Homeland Security Secretary Janet Napolitano testifies before a House subcommittee Wednesday to discuss her department's fiscal 2013 budget proposal. (Edwin Rios/Medill)

WASHINGTON — There is a growing need for improved relations between the federal government and private companies to protect the nation’s cyber networks, Homeland Security Secretary Janet Napolitano told a House committee Wednesday.

Napolitano called for more collaboration to improve the protection of the nation’s cyber infrastructure. She said the current relationship with the private sector consisted of working together only when necessary.

The Department of Homeland Security budget request, part of President Barack Obama’s fiscal 2013 budget plan, provides for $39.5 billion for Homeland Security – a drop of 0.5 percent from this year. It also calls for a separate $5.5 billion outlay for disaster relief funding.

The budget emphasizes investments in programs to prevent terrorist attacks and to improve border security, aviation security, disaster preparedness — and cyber security.

The budget, released Monday, provided a $769 million investment plan that would upgrade government computer systems and protect the nation’s information networks from cyberattacks.

Rep. Norm Dicks, D-Wash., said the current EINSTEIN 2 detection system is imperfect, as adversaries may still “find ways around” federal networks.

Napolitano called the state of cybersecurity “an area of constant creativity by adversaries.” She emphasized the cyber security investments to expedite the deployment of EINSTEIN 3, an upgraded system that monitors federal network threats and detects intrusions, as a way to combat potential cyber attacks.

The budget would double the amount of money Napolitano requested in 2011 – $459 billion – for her agency’s National Cyber Security Division, whose job is to protect federal networks and coordinate with the private sector on safeguarding infrastructure systems.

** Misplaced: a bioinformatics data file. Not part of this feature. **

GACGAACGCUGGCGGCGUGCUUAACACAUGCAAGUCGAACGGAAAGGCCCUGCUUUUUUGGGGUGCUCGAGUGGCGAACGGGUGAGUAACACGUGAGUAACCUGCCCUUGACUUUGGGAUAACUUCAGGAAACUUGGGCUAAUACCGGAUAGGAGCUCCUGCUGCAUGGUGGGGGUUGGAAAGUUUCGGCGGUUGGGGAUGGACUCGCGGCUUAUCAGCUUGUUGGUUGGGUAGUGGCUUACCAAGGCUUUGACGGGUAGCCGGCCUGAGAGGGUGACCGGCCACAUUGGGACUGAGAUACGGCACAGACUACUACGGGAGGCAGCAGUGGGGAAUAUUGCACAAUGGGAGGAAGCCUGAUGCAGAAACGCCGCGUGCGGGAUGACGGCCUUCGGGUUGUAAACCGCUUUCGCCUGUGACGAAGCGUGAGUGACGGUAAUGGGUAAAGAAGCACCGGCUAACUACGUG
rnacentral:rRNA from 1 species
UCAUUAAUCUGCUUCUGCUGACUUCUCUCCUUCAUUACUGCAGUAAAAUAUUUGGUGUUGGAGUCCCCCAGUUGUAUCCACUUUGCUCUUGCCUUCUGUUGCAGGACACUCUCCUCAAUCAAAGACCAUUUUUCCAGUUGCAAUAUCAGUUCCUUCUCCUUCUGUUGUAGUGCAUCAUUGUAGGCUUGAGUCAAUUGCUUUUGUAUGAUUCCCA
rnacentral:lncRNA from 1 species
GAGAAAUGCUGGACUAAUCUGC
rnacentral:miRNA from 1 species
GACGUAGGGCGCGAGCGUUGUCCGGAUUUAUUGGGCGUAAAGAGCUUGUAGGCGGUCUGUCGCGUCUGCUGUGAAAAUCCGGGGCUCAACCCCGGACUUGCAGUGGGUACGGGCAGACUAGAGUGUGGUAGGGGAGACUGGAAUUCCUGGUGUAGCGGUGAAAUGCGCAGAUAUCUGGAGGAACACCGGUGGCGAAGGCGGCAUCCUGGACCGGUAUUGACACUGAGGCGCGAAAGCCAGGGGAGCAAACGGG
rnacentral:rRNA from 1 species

Alabama Rep. Robert Aderholt, chairman of the homeland security subcommittee, expressed concern with the department’s budgetary “discipline” and said there needs to be a balance between the department’s call for urgency and the resources on hand.

“There are no more shortcuts out of our budget’s red ink,” Aderholt said. “Homeland security cannot be immune from fiscal restraint.”

Rep. Hal Rogers, chairman of the full House Appropriations Committee, zeroed in on Napolitano’s decision to reduce the size of Coast Guard personnel and to restructure the current Federal Emergency Management Agency (FEMA) grant program.

Napolitano told the committee her department would consolidate the multiple grant programs in an effort to deploy aid to disaster-stricken areas faster.

But Rogers said he had strong concerns about a budget that “proposes to add layers to the already muddled bureaucracy at [DHS] headquarters.”

The panel’s top Democrat, Rep. David Price, D-N.C., said in a statement that he was pleased to see the proposed increases for FEMA and for science and technology. And Price lauded the department’s effectiveness in dealing with major disasters.

He emphasized, however, the need to enforce immigration laws, which he said were in “dire need of comprehensive reform” because of Congress’s inaction. He said he was concerned with the proposed cuts to Coast Guard personnel — a number that, Napolitano said, could reach a net reduction of as many as 2,000 people.

Toward the end of a heated exchange between Napolitano and Rogers, he warned her: “Be prepared [to be challenged by Congress].”